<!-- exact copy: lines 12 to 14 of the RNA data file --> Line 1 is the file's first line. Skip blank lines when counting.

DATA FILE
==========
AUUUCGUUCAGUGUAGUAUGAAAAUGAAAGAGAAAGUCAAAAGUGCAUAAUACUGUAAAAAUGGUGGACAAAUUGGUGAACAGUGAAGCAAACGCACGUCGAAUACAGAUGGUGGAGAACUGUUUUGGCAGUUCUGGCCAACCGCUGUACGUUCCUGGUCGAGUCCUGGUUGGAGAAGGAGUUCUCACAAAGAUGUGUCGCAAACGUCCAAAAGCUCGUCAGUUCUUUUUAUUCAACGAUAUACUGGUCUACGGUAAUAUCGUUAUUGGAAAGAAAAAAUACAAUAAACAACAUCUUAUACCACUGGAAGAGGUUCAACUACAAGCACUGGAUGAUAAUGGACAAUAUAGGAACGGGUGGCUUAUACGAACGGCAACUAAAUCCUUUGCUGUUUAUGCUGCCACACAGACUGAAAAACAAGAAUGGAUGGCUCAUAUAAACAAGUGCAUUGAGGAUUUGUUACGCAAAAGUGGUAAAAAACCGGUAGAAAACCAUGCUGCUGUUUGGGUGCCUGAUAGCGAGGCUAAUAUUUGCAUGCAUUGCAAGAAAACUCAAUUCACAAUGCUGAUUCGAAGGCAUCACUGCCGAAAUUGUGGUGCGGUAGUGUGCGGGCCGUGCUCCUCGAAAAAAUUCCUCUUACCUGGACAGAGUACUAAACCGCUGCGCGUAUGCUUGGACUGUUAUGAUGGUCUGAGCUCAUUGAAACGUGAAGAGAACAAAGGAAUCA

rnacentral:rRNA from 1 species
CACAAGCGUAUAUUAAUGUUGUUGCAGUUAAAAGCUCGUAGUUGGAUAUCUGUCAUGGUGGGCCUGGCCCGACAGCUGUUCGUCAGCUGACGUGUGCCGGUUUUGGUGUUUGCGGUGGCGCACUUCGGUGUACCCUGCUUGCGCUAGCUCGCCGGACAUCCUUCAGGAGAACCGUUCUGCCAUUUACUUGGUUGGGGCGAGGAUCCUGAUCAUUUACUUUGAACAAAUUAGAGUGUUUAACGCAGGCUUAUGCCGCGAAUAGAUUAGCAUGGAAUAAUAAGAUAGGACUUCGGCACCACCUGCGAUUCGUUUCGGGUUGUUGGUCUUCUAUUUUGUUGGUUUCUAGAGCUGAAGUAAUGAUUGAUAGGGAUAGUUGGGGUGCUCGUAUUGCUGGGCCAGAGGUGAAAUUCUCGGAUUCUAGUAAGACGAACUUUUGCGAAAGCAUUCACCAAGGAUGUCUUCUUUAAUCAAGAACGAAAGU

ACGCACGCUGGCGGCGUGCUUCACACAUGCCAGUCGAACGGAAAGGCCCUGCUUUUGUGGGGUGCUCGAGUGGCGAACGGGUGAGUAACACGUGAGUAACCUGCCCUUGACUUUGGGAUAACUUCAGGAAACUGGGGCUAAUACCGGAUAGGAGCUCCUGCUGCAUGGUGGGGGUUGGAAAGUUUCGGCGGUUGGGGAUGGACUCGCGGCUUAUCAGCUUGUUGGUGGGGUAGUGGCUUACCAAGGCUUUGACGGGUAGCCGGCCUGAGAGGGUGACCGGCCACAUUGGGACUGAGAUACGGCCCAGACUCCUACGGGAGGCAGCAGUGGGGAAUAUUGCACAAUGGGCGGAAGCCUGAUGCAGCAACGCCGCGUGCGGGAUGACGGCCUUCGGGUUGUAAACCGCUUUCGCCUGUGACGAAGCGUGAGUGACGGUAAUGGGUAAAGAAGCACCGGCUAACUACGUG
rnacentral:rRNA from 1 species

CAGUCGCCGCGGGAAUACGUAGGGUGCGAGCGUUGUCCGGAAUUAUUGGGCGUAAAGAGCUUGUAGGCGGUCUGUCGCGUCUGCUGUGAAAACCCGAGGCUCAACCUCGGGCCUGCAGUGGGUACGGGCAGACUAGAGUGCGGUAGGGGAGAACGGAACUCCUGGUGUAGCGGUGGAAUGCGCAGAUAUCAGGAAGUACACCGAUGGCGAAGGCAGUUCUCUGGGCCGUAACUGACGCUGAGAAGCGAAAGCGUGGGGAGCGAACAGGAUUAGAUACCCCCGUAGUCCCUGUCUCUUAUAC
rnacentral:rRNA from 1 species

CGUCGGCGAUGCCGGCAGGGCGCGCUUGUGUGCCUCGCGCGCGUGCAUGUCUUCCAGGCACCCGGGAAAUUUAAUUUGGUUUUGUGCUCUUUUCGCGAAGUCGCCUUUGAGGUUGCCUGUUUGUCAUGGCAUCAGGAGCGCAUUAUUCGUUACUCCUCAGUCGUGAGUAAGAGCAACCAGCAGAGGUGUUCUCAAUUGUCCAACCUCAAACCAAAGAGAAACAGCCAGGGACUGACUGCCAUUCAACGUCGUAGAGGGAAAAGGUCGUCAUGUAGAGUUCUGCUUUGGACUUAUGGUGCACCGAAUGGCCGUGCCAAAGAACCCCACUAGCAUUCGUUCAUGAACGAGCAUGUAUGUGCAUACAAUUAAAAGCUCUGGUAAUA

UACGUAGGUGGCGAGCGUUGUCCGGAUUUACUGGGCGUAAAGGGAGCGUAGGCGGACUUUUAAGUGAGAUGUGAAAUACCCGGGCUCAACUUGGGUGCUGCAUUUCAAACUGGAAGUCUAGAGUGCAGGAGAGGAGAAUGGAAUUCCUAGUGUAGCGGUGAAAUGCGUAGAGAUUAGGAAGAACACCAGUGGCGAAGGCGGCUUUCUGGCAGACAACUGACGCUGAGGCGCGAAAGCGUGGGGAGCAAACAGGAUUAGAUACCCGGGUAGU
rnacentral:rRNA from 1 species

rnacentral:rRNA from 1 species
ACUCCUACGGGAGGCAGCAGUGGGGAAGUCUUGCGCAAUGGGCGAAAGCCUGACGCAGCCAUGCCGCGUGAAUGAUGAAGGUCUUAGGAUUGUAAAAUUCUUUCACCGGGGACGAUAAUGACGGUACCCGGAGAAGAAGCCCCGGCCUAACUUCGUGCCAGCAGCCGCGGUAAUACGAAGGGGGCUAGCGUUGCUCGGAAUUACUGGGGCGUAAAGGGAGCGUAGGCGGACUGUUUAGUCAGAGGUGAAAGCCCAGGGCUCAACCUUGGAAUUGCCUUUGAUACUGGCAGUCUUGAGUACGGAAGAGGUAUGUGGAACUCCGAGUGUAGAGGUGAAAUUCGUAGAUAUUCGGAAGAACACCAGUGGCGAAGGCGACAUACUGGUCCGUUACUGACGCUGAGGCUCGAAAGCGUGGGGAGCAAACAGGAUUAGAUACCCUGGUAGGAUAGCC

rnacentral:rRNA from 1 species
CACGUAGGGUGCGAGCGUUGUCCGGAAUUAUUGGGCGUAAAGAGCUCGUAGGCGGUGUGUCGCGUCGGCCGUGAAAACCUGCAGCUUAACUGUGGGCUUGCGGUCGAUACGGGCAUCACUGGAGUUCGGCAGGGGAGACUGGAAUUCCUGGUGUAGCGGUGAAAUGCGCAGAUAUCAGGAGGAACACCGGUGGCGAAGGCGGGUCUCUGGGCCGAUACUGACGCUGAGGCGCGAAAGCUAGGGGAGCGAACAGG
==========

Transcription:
ACUCCUACGGGAGGCAGCAGUGGGGAAGUCUUGCGCAAUGGGCGAAAGCCUGACGCAGCCAUGCCGCGUGAAUGAUGAAGGUCUUAGGAUUGUAAAAUUCUUUCACCGGGGACGAUAAUGACGGUACCCGGAGAAGAAGCCCCGGCCUAACUUCGUGCCAGCAGCCGCGGUAAUACGAAGGGGGCUAGCGUUGCUCGGAAUUACUGGGGCGUAAAGGGAGCGUAGGCGGACUGUUUAGUCAGAGGUGAAAGCCCAGGGCUCAACCUUGGAAUUGCCUUUGAUACUGGCAGUCUUGAGUACGGAAGAGGUAUGUGGAACUCCGAGUGUAGAGGUGAAAUUCGUAGAUAUUCGGAAGAACACCAGUGGCGAAGGCGACAUACUGGUCCGUUACUGACGCUGAGGCUCGAAAGCGUGGGGAGCAAACAGGAUUAGAUACCCUGGUAGGAUAGCC

rnacentral:rRNA from 1 species
CACGUAGGGUGCGAGCGUUGUCCGGAAUUAUUGGGCGUAAAGAGCUCGUAGGCGGUGUGUCGCGUCGGCCGUGAAAACCUGCAGCUUAACUGUGGGCUUGCGGUCGAUACGGGCAUCACUGGAGUUCGGCAGGGGAGACUGGAAUUCCUGGUGUAGCGGUGAAAUGCGCAGAUAUCAGGAGGAACACCGGUGGCGAAGGCGGGUCUCUGGGCCGAUACUGACGCUGAGGCGCGAAAGCUAGGGGAGCGAACAGG